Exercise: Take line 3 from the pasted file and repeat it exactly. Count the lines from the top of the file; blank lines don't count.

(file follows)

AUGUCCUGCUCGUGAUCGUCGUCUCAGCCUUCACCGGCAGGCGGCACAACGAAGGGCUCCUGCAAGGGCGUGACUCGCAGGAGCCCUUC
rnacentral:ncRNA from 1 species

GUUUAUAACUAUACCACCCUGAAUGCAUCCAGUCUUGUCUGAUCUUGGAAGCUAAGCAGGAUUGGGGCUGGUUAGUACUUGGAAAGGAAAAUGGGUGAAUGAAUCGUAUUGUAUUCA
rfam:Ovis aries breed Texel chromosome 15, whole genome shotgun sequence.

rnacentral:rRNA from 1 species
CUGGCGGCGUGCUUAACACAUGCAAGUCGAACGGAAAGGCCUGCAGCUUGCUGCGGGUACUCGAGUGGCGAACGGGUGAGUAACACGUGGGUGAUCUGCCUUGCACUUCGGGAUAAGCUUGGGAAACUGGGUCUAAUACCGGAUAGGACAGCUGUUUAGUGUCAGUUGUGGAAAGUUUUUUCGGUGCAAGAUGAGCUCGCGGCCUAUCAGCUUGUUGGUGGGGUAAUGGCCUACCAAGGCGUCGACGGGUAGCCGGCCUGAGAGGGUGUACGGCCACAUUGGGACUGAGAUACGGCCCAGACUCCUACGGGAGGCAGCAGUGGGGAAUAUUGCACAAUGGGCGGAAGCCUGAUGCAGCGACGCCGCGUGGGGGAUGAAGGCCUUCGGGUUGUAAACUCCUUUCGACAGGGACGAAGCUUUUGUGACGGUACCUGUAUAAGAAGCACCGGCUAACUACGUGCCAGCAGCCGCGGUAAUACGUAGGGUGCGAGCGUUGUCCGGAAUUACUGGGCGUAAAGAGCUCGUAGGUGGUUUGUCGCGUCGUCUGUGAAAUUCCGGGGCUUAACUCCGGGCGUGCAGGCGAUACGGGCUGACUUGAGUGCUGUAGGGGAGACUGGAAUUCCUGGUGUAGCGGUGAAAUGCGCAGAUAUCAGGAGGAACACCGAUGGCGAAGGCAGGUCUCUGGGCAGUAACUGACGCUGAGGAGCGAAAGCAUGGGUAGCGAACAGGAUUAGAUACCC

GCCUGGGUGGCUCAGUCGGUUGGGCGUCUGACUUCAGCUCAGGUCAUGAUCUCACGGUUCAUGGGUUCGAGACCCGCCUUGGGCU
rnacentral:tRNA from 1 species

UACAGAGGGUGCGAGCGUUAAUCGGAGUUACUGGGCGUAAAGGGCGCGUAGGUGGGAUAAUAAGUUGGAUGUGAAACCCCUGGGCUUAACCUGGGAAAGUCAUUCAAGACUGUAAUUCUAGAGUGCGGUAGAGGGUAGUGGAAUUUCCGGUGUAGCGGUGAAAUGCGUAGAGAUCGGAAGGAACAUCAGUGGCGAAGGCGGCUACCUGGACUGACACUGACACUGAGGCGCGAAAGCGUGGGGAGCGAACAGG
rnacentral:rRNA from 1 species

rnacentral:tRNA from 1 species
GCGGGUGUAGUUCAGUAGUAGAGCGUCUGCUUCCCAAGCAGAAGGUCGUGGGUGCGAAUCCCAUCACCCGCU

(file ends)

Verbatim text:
GUUUAUAACUAUACCACCCUGAAUGCAUCCAGUCUUGUCUGAUCUUGGAAGCUAAGCAGGAUUGGGGCUGGUUAGUACUUGGAAAGGAAAAUGGGUGAAUGAAUCGUAUUGUAUUCA